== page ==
...you might consider the standalone version of Tidy for html...
      I agree. It's very nifty indeed, easy to use and highly configurable.

      Something as simple as:

      my $in = 'bad.html'; my $out = 'tidied.html'; my $err = 'tidy.err'; my $cnf = 'tidy.cnf'; system( 'tidy.exe', '-asxml', -config => $cnf, -file => $err, -output => $out, $in, );
      can be easily adapted to process a list or even a local copy of a web site. The config file can be tweaked to be severe or lenient to taste.

      You can easily interrogate all the error files to get a good picture of how bad the html is (and there is a lot of it about!).

      Again, I agree. Why bother to go to a lot of trouble when there is a very clever bit of kit available.

      point taken. Thanks.
Re: clean html tags
by madbombX (Hermit) on Jan 25, 2007 at 19:32 UTC
    Have you looked at HTML::Entities? That's exactly what it was made to do.
Re: clean html tags
by sgifford (Prior) on Jan 25, 2007 at 17:38 UTC
    For just escaping HTML entities, I use this code:
    { # closure my %HTML_ESCAPE = ( "\xa0" => "&nbsp;", "&" => "&amp;", "'" => "&apos;", "\"" => "&quot;", "<" => "&lt;", ">" => "&gt;", ); sub html_escape { return '' unless defined($_[0]); (my $t=$_[0]) =~ s/([\xa0\'\"&<>])/$HTML_ESCAPE{$1}/g; $t; } }
    It's best to escape the data as it's coming in; otherwise it's very difficult to distinguish between, for example, a less-than sign that should be converted to &lt; and one that is part of the markup.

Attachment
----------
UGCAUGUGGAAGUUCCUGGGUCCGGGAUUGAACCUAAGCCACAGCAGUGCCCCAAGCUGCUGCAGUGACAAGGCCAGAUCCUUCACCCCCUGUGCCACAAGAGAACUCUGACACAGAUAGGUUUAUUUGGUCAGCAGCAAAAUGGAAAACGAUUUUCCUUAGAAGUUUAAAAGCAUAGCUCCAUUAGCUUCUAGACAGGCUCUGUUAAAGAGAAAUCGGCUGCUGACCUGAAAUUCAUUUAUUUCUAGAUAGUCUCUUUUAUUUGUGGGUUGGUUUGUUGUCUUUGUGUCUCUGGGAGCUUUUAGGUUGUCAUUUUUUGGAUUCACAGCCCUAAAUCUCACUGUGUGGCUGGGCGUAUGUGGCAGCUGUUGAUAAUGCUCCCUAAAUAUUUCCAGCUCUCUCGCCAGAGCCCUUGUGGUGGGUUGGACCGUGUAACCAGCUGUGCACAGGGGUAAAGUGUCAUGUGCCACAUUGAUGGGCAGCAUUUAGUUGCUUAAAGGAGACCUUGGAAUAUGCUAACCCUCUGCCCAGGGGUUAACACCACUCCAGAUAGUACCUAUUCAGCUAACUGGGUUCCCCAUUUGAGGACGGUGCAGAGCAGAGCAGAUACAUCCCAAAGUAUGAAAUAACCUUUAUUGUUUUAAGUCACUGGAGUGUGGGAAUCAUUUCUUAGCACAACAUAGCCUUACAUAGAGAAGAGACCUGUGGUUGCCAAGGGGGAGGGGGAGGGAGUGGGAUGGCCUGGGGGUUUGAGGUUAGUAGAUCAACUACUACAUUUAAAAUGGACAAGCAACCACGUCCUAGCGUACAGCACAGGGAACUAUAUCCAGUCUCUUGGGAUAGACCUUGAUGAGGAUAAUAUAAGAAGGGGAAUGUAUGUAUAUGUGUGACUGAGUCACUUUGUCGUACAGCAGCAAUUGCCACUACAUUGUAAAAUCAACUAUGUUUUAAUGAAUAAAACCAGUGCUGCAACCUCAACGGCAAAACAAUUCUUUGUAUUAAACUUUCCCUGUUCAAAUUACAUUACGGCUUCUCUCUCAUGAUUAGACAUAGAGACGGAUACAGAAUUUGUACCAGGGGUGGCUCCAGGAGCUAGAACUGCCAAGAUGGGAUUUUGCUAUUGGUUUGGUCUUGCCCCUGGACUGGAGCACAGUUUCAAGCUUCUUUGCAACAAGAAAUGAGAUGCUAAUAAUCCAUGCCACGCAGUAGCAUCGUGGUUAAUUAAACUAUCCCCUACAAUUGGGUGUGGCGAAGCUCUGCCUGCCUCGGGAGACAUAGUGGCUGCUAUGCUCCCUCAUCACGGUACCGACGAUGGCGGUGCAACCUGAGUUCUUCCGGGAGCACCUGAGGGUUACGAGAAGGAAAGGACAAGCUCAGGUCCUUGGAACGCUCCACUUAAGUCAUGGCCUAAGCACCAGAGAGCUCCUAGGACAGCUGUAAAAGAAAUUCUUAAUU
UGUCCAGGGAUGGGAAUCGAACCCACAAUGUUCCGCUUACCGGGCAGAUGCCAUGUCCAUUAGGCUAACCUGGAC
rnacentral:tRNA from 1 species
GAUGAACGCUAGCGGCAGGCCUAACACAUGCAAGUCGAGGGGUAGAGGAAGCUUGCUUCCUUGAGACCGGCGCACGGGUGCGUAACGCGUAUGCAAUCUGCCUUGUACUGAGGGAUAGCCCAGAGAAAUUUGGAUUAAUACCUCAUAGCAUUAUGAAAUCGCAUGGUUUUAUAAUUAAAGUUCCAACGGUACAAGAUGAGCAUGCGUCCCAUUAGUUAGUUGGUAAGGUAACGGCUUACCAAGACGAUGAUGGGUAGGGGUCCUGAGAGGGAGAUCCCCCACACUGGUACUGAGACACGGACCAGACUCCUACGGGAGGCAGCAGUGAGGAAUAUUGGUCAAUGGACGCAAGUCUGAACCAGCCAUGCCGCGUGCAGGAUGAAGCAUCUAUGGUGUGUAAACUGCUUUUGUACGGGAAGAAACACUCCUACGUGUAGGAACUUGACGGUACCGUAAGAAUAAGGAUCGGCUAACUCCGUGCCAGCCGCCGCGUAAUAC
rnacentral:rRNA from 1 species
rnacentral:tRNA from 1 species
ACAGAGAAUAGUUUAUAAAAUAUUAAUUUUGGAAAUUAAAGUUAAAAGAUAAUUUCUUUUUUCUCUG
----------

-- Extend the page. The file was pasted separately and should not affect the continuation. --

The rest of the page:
"'" => "&apos;",

      The apos entity is an XML built it, and isn't defined for HTML. While some browsers support it in text/html documents, this is error correction and you should not use it.

      It's best to escape the data as it's coming in; otherwise it's very difficult to distinguish between, for example, a less-than sign that should be converted to < and one that is part of the markup.

      My preference is to convert from text to HTML at the last minute to avoid issues where I need to manipulate the data in Perl. (Template::Stash::EscapeHTML is quite cool).

      What matters though is doing it in one place, so its easy to spot when you forget to protect a bit of user input from XSS et al.

        The apos entity is an XML built it, and isn't defined for HTML. While some browsers support it in text/html documents, this is error correction and you should not use it.
        Ah, that's interesting. I find it very useful to ensure that user-generated text doesn't break out of an HTML or JavaScript string, which is a big win IMHO. For example, if a template says:
        <img src='$IMAGE1' alt='$DESCRIPTION1'>
        I can be sure that $IMAGE1 and $DESCRIPTION1 won't mess up my HTML formatting if I can ensure it doesn't have apostrophes, but otherwise it's impossible.

        Are you aware of any browsers that don't support this entity in HTML?

Re: clean html tags
by Anonymous Monk on Jan 25, 2007 at 19:24 UTC
    The previous poster is right in that this is not clean HTML. I also do not know whether you merely want to escape HTML entities, however, you might want to try HTML::TreeBuilder to build a HTML parse tree and HTML::Element, specifically the as_HTML() sub, to output the HTML. You can use as_HTML to escape HTML entities.

    Johannes